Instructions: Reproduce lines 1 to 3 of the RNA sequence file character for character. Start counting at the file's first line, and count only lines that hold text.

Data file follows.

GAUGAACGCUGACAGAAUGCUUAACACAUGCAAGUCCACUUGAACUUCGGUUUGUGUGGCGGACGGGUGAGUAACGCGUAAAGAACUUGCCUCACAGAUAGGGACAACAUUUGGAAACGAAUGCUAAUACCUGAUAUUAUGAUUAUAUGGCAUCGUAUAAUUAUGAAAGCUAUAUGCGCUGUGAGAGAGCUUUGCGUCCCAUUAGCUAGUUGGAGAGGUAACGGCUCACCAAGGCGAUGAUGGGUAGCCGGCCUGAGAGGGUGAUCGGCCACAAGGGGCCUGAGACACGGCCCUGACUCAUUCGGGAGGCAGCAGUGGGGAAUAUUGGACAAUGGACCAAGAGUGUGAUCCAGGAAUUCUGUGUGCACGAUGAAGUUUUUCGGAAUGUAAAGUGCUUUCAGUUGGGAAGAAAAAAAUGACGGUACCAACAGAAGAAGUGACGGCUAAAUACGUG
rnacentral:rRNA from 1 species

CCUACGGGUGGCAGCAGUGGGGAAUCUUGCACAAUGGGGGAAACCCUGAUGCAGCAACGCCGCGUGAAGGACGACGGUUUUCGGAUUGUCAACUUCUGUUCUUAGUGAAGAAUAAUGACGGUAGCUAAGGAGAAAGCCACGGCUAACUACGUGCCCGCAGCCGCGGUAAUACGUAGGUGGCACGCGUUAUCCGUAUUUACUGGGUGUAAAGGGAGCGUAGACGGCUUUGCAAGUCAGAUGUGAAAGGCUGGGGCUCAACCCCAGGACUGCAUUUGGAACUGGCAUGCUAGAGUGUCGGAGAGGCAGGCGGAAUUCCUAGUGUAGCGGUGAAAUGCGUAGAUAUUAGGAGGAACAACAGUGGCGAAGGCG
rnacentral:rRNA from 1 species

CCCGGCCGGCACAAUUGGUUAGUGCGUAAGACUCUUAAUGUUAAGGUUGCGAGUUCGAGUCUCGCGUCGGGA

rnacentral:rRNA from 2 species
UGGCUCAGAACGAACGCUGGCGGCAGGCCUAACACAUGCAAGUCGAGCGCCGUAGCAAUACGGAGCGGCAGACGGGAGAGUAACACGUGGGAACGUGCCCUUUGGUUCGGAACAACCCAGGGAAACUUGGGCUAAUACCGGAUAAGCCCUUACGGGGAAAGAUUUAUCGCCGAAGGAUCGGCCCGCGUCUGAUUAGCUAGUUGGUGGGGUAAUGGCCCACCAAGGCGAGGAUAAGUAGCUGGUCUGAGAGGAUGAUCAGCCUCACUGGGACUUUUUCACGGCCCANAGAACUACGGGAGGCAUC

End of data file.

GAUGAACGCUGACAGAAUGCUUAACACAUGCAAGUCCACUUGAACUUCGGUUUGUGUGGCGGACGGGUGAGUAACGCGUAAAGAACUUGCCUCACAGAUAGGGACAACAUUUGGAAACGAAUGCUAAUACCUGAUAUUAUGAUUAUAUGGCAUCGUAUAAUUAUGAAAGCUAUAUGCGCUGUGAGAGAGCUUUGCGUCCCAUUAGCUAGUUGGAGAGGUAACGGCUCACCAAGGCGAUGAUGGGUAGCCGGCCUGAGAGGGUGAUCGGCCACAAGGGGCCUGAGACACGGCCCUGACUCAUUCGGGAGGCAGCAGUGGGGAAUAUUGGACAAUGGACCAAGAGUGUGAUCCAGGAAUUCUGUGUGCACGAUGAAGUUUUUCGGAAUGUAAAGUGCUUUCAGUUGGGAAGAAAAAAAUGACGGUACCAACAGAAGAAGUGACGGCUAAAUACGUG
rnacentral:rRNA from 1 species

CCUACGGGUGGCAGCAGUGGGGAAUCUUGCACAAUGGGGGAAACCCUGAUGCAGCAACGCCGCGUGAAGGACGACGGUUUUCGGAUUGUCAACUUCUGUUCUUAGUGAAGAAUAAUGACGGUAGCUAAGGAGAAAGCCACGGCUAACUACGUGCCCGCAGCCGCGGUAAUACGUAGGUGGCACGCGUUAUCCGUAUUUACUGGGUGUAAAGGGAGCGUAGACGGCUUUGCAAGUCAGAUGUGAAAGGCUGGGGCUCAACCCCAGGACUGCAUUUGGAACUGGCAUGCUAGAGUGUCGGAGAGGCAGGCGGAAUUCCUAGUGUAGCGGUGAAAUGCGUAGAUAUUAGGAGGAACAACAGUGGCGAAGGCG